In addition to the assignment of a base identity to a Corda node that ensures each node across all business networks have a unique identity, each business network performs its own deeper membership management process, e.g., registration, licensing, and KYC/AML checks. While the exact requirements for each business network are governed by the network policies, the process of allowing nodes to join and transact on a network will be performed by the BNO node.
A certificate will be provided to non-natural persons, i.e. organisations that are an incorporated legal entity. The following information should be provided by all Participants seeking access to Corda Network:
Note: additional details may be required for Participation billing, but these requirements do not form part of this Policy.
The Operator must conduct a sanction review commensurate with jurisdictional laws and regulations on all entities and establish a process to clear false positives. Positive matches will not receive a certificate for the network. Business Network Operators must perform their own KYC check and should not rely on the Operator’s identification or sanction review. Business Network Operators are responsible for obtaining further documentation such as articles of incorporation, ultimate beneficial owners, etc. to verify identity and conduct appropriate due diligence checks (high risk industry analysis, high risk geographies, negative news checks) to ensure entities meet acceptable risk tolerance standards designed by the business network.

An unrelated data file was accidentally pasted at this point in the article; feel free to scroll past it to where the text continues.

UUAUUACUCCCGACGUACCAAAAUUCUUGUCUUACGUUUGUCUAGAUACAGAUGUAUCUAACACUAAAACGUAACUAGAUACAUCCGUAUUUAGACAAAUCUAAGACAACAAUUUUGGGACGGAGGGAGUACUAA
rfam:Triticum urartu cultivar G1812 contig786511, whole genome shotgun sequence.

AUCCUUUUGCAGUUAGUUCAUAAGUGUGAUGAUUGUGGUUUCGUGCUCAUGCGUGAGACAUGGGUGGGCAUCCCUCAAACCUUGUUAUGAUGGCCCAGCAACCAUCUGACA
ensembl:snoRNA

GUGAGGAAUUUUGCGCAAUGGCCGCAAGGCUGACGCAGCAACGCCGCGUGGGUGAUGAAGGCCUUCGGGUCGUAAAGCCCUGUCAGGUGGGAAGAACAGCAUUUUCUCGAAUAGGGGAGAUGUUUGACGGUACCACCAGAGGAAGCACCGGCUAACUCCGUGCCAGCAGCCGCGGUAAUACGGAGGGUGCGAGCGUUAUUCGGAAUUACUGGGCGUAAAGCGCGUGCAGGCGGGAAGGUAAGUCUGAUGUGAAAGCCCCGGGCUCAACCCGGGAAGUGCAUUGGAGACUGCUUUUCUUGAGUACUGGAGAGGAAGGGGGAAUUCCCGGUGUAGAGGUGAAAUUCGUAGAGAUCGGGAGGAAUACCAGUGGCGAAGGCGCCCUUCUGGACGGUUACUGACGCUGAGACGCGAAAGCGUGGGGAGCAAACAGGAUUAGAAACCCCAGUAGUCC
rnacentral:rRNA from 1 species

Certifications will be issued based on the information provided in the certification request. Any changes to information provided, including updating the entity name or contact information, will require a certification to be revoked and subsequently re-issued by the operator.
A common requirement for business networks is the need to maintain a set of shared master data that pertains to the application domain and made available to all business network participating nodes. This data may be served via an API, messaging system, or stored on-ledger, and governed by one more contracts.
Depending on the network policies, certain activities such as vault synchronisations or upgrades may require authorisation from the business network operator node.
For commercial, operational or regulatory reasons it is often a requirement to monitor and/or report on network level metrics. For example, an operator may want to monitor network health by tracking operational metrics such transaction volumes and latency. It may also choose to bill its members (periodically or on-demand) by tracking transactions across the network. The network may be designed to reveal as much or as little about the transactions as appropriate.
Certain network level events such as planned maintenance, outages and upgrades must be communicated to all network users. In many cases, traditional communications channels may suffice but in some cases it may be appropriate to use a BNO service to distribute such information such that it can be integrated into the application itself.
Although distribution of CorDapp jars and other shared dependencies may be managed via traditional deployment software tools, it may be appropriate to integrate this into the network itself.
This is the policy for the deployment of software components by the Operator onto physical infrastructure for the DSOA Network.